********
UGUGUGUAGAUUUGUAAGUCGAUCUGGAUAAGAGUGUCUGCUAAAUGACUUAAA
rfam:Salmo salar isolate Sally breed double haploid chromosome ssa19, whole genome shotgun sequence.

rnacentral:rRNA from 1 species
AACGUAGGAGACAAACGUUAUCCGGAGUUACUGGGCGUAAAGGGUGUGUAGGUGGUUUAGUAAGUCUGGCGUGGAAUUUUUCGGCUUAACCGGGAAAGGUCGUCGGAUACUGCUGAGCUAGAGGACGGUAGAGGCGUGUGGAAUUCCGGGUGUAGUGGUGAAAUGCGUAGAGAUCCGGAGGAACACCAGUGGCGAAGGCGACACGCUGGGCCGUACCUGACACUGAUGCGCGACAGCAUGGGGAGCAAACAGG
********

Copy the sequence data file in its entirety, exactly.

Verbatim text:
UGUGUGUAGAUUUGUAAGUCGAUCUGGAUAAGAGUGUCUGCUAAAUGACUUAAA
rfam:Salmo salar isolate Sally breed double haploid chromosome ssa19, whole genome shotgun sequence.

rnacentral:rRNA from 1 species
AACGUAGGAGACAAACGUUAUCCGGAGUUACUGGGCGUAAAGGGUGUGUAGGUGGUUUAGUAAGUCUGGCGUGGAAUUUUUCGGCUUAACCGGGAAAGGUCGUCGGAUACUGCUGAGCUAGAGGACGGUAGAGGCGUGUGGAAUUCCGGGUGUAGUGGUGAAAUGCGUAGAGAUCCGGAGGAACACCAGUGGCGAAGGCGACACGCUGGGCCGUACCUGACACUGAUGCGCGACAGCAUGGGGAGCAAACAGG